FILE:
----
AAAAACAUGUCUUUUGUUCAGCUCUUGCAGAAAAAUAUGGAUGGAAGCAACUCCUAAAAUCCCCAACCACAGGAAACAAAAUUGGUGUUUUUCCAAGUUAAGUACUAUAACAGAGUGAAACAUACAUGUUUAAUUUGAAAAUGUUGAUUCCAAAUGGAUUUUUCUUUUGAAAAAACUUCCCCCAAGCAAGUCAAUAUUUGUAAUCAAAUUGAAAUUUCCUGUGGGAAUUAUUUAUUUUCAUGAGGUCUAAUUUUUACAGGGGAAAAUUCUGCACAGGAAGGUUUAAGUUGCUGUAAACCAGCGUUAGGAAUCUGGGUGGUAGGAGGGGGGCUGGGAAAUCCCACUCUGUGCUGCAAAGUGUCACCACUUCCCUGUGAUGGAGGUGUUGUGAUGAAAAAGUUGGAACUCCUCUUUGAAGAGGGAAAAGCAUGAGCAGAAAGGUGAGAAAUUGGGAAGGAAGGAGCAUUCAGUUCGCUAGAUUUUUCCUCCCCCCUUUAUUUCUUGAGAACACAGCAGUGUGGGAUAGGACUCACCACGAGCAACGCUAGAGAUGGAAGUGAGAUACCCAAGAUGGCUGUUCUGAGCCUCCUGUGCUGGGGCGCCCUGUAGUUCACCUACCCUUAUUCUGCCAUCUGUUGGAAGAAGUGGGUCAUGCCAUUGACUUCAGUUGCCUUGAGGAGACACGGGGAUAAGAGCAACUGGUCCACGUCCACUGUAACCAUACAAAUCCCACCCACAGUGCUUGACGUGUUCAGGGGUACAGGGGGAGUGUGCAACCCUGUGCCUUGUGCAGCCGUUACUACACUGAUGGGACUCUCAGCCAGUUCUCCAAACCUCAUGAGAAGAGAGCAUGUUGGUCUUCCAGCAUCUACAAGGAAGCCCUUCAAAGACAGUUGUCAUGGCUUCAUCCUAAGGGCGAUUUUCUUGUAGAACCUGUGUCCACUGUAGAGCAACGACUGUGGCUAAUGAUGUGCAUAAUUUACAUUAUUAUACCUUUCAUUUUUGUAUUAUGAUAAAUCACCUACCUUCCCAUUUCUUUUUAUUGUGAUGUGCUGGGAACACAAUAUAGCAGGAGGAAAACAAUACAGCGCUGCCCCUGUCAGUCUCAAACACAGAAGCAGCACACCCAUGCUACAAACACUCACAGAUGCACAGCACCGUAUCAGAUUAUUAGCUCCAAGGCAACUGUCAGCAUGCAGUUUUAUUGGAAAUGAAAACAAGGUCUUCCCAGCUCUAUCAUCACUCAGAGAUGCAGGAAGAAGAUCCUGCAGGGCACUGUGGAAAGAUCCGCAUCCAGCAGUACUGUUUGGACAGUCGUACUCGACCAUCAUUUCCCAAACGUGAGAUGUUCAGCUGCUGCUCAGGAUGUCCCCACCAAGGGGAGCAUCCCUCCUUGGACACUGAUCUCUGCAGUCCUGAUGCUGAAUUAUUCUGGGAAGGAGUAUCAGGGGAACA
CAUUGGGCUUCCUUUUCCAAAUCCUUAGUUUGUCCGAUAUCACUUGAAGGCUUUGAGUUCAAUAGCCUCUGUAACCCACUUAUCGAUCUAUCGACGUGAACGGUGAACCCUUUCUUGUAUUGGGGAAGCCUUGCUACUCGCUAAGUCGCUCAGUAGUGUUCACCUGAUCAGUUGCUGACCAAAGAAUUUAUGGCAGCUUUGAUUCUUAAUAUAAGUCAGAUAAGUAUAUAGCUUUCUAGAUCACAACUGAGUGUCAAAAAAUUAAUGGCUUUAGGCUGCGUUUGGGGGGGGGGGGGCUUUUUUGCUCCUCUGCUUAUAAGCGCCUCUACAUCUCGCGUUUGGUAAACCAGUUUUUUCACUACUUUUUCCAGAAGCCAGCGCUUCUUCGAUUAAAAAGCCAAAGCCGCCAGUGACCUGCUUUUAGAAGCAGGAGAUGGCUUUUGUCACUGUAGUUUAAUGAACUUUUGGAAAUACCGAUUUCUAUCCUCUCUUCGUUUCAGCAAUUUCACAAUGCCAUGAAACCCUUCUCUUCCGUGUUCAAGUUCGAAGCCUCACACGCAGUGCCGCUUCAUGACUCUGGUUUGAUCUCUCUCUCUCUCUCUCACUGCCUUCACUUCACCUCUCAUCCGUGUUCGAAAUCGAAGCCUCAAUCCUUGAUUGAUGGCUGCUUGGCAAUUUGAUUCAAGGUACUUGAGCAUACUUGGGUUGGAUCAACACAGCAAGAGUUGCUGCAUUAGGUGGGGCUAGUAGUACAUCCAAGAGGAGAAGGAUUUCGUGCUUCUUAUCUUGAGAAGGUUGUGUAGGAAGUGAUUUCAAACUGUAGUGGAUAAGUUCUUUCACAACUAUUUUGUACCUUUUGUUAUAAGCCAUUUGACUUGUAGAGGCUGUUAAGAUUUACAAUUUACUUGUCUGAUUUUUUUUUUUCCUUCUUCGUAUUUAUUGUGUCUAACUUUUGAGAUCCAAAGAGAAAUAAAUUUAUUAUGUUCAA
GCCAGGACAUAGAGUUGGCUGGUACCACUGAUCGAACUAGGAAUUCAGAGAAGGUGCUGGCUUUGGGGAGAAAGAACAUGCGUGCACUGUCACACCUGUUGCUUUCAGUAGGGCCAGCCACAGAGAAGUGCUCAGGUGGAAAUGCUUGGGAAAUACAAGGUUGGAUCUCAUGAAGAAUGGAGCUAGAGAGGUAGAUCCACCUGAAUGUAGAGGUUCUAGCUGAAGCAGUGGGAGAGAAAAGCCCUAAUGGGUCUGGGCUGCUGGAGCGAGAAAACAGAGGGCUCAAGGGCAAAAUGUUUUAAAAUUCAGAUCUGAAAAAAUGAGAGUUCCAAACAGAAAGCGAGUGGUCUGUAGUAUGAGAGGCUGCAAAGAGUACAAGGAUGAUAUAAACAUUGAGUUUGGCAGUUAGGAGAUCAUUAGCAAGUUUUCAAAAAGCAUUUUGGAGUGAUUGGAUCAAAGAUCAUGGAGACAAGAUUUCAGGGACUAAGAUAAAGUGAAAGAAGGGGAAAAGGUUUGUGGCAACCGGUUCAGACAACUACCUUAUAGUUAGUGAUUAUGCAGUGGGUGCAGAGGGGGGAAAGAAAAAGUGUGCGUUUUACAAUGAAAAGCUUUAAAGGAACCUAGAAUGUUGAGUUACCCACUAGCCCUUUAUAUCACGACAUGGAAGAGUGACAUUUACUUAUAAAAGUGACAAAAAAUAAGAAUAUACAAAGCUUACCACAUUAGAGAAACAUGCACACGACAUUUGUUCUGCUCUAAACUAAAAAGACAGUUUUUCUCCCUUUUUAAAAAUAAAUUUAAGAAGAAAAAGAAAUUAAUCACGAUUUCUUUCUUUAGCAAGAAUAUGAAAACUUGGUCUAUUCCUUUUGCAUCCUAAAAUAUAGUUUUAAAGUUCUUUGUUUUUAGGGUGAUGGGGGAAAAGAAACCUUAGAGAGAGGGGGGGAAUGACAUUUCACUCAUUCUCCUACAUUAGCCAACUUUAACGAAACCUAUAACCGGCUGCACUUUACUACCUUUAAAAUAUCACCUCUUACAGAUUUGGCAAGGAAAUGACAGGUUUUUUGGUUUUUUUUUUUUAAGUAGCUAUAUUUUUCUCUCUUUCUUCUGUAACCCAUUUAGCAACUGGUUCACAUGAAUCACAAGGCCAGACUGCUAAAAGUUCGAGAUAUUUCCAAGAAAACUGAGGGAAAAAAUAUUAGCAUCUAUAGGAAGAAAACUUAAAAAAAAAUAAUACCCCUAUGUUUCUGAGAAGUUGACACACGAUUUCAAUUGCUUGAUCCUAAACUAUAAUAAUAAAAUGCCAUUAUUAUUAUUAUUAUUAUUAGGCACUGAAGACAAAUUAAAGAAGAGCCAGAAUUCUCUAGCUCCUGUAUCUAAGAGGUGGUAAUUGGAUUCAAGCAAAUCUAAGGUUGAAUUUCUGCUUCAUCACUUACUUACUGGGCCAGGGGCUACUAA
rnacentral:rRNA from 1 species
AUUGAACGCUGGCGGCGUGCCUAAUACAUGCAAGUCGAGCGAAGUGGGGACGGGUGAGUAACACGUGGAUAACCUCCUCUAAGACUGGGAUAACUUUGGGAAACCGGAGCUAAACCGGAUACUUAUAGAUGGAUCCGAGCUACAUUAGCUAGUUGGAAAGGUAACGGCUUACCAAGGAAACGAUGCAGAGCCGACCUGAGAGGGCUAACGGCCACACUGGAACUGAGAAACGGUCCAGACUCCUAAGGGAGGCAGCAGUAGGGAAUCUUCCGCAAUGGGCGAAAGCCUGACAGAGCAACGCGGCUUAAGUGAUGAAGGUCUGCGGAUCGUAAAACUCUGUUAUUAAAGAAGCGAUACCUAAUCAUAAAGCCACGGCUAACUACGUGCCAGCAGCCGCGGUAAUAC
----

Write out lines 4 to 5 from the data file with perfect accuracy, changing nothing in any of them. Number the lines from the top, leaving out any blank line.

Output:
rnacentral:rRNA from 1 species
AUUGAACGCUGGCGGCGUGCCUAAUACAUGCAAGUCGAGCGAAGUGGGGACGGGUGAGUAACACGUGGAUAACCUCCUCUAAGACUGGGAUAACUUUGGGAAACCGGAGCUAAACCGGAUACUUAUAGAUGGAUCCGAGCUACAUUAGCUAGUUGGAAAGGUAACGGCUUACCAAGGAAACGAUGCAGAGCCGACCUGAGAGGGCUAACGGCCACACUGGAACUGAGAAACGGUCCAGACUCCUAAGGGAGGCAGCAGUAGGGAAUCUUCCGCAAUGGGCGAAAGCCUGACAGAGCAACGCGGCUUAAGUGAUGAAGGUCUGCGGAUCGUAAAACUCUGUUAUUAAAGAAGCGAUACCUAAUCAUAAAGCCACGGCUAACUACGUGCCAGCAGCCGCGGUAAUAC